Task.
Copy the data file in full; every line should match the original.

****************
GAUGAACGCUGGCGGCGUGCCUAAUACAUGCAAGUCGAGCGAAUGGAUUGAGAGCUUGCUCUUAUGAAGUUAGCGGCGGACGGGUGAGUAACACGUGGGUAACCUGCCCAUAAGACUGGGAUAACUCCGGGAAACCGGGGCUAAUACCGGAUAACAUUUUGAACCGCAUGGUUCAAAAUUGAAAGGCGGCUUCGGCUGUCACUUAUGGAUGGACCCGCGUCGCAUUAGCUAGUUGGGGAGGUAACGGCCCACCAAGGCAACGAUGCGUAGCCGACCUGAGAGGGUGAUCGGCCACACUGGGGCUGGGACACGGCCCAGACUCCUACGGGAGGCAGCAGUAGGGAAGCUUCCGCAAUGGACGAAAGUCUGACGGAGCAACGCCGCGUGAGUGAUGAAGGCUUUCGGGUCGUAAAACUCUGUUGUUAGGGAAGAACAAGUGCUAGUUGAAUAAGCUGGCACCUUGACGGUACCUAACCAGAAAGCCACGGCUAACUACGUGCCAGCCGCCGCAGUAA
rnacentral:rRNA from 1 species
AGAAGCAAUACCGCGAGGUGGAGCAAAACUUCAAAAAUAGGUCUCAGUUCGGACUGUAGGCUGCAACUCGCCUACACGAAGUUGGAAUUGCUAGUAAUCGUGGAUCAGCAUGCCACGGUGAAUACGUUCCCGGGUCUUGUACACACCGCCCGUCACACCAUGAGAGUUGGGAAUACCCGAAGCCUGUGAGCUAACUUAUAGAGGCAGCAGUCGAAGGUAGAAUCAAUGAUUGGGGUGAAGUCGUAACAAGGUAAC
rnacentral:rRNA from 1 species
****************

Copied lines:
GAUGAACGCUGGCGGCGUGCCUAAUACAUGCAAGUCGAGCGAAUGGAUUGAGAGCUUGCUCUUAUGAAGUUAGCGGCGGACGGGUGAGUAACACGUGGGUAACCUGCCCAUAAGACUGGGAUAACUCCGGGAAACCGGGGCUAAUACCGGAUAACAUUUUGAACCGCAUGGUUCAAAAUUGAAAGGCGGCUUCGGCUGUCACUUAUGGAUGGACCCGCGUCGCAUUAGCUAGUUGGGGAGGUAACGGCCCACCAAGGCAACGAUGCGUAGCCGACCUGAGAGGGUGAUCGGCCACACUGGGGCUGGGACACGGCCCAGACUCCUACGGGAGGCAGCAGUAGGGAAGCUUCCGCAAUGGACGAAAGUCUGACGGAGCAACGCCGCGUGAGUGAUGAAGGCUUUCGGGUCGUAAAACUCUGUUGUUAGGGAAGAACAAGUGCUAGUUGAAUAAGCUGGCACCUUGACGGUACCUAACCAGAAAGCCACGGCUAACUACGUGCCAGCCGCCGCAGUAA
rnacentral:rRNA from 1 species
AGAAGCAAUACCGCGAGGUGGAGCAAAACUUCAAAAAUAGGUCUCAGUUCGGACUGUAGGCUGCAACUCGCCUACACGAAGUUGGAAUUGCUAGUAAUCGUGGAUCAGCAUGCCACGGUGAAUACGUUCCCGGGUCUUGUACACACCGCCCGUCACACCAUGAGAGUUGGGAAUACCCGAAGCCUGUGAGCUAACUUAUAGAGGCAGCAGUCGAAGGUAGAAUCAAUGAUUGGGGUGAAGUCGUAACAAGGUAAC
rnacentral:rRNA from 1 species